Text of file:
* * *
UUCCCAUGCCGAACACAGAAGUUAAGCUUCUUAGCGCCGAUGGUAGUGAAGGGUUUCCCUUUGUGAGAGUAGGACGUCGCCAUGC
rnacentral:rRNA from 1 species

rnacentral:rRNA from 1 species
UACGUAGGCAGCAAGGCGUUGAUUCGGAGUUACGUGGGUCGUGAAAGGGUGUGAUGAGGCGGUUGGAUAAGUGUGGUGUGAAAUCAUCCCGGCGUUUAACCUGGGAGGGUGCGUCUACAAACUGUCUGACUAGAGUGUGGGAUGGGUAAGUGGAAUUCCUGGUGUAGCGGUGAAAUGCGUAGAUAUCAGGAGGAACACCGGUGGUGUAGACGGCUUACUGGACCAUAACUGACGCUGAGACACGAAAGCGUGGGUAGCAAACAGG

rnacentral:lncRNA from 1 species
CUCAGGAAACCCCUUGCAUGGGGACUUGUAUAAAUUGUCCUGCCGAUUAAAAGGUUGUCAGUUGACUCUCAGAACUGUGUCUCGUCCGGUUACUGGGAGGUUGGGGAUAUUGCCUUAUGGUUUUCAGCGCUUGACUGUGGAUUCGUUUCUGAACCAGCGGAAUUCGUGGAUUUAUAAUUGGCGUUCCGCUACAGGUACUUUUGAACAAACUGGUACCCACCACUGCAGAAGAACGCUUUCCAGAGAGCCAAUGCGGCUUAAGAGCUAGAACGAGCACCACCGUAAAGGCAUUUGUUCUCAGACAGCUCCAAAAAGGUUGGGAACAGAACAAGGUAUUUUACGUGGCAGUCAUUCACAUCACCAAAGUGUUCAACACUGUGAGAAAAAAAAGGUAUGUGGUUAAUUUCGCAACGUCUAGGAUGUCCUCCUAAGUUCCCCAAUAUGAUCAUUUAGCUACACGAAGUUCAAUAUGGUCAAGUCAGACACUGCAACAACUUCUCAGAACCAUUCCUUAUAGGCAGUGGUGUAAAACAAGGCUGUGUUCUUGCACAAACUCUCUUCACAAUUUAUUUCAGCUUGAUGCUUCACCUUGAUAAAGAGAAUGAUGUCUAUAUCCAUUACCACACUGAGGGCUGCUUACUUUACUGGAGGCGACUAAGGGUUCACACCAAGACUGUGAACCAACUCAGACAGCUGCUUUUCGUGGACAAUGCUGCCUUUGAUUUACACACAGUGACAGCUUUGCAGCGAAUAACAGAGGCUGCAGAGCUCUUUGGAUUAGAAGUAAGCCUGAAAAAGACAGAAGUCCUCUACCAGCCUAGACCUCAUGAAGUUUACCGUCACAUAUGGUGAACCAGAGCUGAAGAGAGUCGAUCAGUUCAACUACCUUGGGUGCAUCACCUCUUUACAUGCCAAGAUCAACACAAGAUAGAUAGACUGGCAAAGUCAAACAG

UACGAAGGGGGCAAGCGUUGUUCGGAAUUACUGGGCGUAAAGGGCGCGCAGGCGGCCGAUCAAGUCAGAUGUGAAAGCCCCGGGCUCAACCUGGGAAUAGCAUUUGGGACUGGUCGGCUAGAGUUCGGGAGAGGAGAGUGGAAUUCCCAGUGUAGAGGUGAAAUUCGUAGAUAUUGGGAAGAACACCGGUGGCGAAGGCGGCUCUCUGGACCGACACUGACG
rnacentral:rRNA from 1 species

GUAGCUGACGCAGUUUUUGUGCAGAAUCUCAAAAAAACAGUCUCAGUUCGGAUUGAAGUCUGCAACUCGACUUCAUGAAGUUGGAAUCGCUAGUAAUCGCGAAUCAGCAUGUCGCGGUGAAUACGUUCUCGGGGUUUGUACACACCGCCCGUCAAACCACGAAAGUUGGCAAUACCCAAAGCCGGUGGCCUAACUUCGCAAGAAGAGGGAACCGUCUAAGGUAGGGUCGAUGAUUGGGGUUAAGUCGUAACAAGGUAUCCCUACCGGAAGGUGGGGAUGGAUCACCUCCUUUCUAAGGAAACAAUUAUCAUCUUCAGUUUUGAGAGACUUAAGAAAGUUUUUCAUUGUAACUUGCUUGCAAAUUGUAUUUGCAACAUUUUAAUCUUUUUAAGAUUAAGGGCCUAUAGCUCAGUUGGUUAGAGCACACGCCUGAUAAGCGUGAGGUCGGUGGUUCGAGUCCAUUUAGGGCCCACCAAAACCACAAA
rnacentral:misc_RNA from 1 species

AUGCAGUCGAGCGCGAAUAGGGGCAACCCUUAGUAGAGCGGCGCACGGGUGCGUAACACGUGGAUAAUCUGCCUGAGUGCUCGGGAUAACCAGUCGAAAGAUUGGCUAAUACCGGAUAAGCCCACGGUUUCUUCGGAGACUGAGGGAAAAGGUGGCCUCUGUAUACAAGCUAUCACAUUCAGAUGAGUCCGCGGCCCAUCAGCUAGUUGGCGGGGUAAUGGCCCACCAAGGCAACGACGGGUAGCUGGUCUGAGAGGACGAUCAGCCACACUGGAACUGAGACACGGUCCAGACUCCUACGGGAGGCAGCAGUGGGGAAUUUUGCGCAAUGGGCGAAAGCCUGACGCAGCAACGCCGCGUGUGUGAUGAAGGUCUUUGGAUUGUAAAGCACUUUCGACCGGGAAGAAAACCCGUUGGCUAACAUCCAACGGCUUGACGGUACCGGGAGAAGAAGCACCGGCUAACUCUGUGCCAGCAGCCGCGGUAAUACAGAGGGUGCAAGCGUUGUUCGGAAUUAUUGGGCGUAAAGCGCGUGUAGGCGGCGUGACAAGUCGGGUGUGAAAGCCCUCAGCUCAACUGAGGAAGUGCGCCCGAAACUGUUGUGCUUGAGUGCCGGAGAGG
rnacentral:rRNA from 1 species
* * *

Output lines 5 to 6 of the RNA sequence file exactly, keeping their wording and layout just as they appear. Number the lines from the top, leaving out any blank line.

rnacentral:lncRNA from 1 species
CUCAGGAAACCCCUUGCAUGGGGACUUGUAUAAAUUGUCCUGCCGAUUAAAAGGUUGUCAGUUGACUCUCAGAACUGUGUCUCGUCCGGUUACUGGGAGGUUGGGGAUAUUGCCUUAUGGUUUUCAGCGCUUGACUGUGGAUUCGUUUCUGAACCAGCGGAAUUCGUGGAUUUAUAAUUGGCGUUCCGCUACAGGUACUUUUGAACAAACUGGUACCCACCACUGCAGAAGAACGCUUUCCAGAGAGCCAAUGCGGCUUAAGAGCUAGAACGAGCACCACCGUAAAGGCAUUUGUUCUCAGACAGCUCCAAAAAGGUUGGGAACAGAACAAGGUAUUUUACGUGGCAGUCAUUCACAUCACCAAAGUGUUCAACACUGUGAGAAAAAAAAGGUAUGUGGUUAAUUUCGCAACGUCUAGGAUGUCCUCCUAAGUUCCCCAAUAUGAUCAUUUAGCUACACGAAGUUCAAUAUGGUCAAGUCAGACACUGCAACAACUUCUCAGAACCAUUCCUUAUAGGCAGUGGUGUAAAACAAGGCUGUGUUCUUGCACAAACUCUCUUCACAAUUUAUUUCAGCUUGAUGCUUCACCUUGAUAAAGAGAAUGAUGUCUAUAUCCAUUACCACACUGAGGGCUGCUUACUUUACUGGAGGCGACUAAGGGUUCACACCAAGACUGUGAACCAACUCAGACAGCUGCUUUUCGUGGACAAUGCUGCCUUUGAUUUACACACAGUGACAGCUUUGCAGCGAAUAACAGAGGCUGCAGAGCUCUUUGGAUUAGAAGUAAGCCUGAAAAAGACAGAAGUCCUCUACCAGCCUAGACCUCAUGAAGUUUACCGUCACAUAUGGUGAACCAGAGCUGAAGAGAGUCGAUCAGUUCAACUACCUUGGGUGCAUCACCUCUUUACAUGCCAAGAUCAACACAAGAUAGAUAGACUGGCAAAGUCAAACAG